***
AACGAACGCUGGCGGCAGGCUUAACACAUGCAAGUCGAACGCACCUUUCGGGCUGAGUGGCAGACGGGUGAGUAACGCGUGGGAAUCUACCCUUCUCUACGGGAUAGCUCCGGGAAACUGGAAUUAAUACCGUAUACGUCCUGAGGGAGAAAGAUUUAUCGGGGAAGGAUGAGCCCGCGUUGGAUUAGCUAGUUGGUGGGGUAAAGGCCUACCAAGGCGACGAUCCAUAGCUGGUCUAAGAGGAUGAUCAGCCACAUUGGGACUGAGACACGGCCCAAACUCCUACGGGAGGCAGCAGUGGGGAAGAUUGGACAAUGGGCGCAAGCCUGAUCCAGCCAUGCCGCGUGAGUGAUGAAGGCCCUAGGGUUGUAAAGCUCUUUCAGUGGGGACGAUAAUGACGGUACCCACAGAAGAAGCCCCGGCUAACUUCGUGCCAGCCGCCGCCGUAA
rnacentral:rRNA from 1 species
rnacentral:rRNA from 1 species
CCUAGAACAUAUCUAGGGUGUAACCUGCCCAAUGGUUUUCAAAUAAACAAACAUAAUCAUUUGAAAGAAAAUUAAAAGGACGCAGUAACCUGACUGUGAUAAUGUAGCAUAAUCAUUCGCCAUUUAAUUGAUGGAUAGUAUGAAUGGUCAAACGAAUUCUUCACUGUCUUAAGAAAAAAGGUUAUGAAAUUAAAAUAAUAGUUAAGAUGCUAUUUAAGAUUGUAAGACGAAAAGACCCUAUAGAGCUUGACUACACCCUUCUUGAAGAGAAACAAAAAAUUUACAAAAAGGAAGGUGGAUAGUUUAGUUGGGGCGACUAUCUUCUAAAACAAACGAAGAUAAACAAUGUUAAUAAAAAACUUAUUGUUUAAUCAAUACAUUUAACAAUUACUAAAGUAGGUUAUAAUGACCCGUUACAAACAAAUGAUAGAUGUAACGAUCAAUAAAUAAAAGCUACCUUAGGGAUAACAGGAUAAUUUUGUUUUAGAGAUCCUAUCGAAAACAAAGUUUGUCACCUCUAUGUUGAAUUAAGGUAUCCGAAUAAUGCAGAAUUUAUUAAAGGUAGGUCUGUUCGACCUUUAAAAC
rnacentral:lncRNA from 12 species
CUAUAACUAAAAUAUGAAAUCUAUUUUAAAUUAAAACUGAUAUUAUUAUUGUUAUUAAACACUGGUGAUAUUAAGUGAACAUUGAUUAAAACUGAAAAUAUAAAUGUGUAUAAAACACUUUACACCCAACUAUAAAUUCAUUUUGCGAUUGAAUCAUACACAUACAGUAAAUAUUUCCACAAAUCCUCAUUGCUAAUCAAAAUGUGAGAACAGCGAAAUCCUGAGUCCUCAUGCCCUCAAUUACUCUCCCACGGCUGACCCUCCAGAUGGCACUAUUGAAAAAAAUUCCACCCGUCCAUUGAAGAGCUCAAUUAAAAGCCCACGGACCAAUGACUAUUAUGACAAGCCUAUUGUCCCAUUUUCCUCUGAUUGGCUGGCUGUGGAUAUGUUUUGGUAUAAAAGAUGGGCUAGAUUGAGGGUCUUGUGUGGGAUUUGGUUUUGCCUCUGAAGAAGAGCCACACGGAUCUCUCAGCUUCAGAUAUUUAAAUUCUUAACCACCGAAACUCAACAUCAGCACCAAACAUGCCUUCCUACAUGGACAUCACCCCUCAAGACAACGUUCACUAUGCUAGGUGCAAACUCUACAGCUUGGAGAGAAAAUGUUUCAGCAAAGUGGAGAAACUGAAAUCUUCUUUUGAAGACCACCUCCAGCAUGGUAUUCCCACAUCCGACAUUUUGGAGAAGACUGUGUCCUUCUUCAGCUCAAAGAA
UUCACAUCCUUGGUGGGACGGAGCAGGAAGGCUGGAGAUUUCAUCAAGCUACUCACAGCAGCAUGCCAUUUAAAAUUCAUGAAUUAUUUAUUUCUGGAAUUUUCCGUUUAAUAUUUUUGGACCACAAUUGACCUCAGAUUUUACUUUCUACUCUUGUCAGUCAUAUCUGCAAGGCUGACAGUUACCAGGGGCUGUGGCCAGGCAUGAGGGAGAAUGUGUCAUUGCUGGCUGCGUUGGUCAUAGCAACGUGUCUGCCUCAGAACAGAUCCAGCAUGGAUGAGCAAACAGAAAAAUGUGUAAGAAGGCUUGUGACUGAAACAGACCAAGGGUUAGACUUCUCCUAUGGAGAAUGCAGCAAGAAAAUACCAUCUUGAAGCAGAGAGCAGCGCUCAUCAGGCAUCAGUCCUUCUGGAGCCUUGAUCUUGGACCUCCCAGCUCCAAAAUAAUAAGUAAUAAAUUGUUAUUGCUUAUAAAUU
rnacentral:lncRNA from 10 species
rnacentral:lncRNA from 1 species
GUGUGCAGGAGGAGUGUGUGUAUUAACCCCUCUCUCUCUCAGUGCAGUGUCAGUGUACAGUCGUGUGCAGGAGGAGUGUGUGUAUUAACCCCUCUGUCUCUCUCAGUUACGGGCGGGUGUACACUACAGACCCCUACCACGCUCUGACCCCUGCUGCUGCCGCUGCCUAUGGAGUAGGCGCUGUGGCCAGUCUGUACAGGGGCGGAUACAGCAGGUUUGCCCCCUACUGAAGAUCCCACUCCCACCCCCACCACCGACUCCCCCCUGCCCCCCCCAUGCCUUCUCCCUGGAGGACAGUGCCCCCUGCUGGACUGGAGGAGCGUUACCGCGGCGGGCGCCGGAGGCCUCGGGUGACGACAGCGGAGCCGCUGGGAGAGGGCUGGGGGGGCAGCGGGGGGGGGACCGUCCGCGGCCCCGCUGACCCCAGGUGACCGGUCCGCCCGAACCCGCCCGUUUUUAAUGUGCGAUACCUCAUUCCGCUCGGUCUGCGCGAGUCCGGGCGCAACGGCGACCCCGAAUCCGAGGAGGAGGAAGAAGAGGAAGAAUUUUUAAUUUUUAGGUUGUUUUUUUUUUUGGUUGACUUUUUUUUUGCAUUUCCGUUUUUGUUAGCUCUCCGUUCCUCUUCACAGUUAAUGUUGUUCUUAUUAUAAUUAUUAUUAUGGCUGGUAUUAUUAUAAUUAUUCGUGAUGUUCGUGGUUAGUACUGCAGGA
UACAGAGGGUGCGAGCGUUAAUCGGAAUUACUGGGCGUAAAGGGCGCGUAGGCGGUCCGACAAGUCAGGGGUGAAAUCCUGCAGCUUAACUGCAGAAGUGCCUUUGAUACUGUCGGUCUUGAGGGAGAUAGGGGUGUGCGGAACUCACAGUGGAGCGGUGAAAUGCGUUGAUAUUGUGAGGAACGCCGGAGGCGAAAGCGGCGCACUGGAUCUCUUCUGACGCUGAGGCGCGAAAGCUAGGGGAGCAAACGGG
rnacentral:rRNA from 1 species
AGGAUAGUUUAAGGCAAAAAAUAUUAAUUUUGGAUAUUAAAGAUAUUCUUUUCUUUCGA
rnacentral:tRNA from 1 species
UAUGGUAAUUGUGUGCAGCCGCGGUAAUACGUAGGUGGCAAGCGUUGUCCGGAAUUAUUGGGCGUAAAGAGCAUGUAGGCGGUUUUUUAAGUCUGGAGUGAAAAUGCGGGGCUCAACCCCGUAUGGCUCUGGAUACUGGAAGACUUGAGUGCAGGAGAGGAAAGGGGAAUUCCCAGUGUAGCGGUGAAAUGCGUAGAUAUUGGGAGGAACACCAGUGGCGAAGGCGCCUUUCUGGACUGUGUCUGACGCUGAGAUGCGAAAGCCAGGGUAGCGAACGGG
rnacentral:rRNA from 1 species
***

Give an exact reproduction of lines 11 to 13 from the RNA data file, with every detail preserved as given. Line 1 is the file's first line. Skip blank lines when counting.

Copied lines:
UACAGAGGGUGCGAGCGUUAAUCGGAAUUACUGGGCGUAAAGGGCGCGUAGGCGGUCCGACAAGUCAGGGGUGAAAUCCUGCAGCUUAACUGCAGAAGUGCCUUUGAUACUGUCGGUCUUGAGGGAGAUAGGGGUGUGCGGAACUCACAGUGGAGCGGUGAAAUGCGUUGAUAUUGUGAGGAACGCCGGAGGCGAAAGCGGCGCACUGGAUCUCUUCUGACGCUGAGGCGCGAAAGCUAGGGGAGCAAACGGG
rnacentral:rRNA from 1 species
AGGAUAGUUUAAGGCAAAAAAUAUUAAUUUUGGAUAUUAAAGAUAUUCUUUUCUUUCGA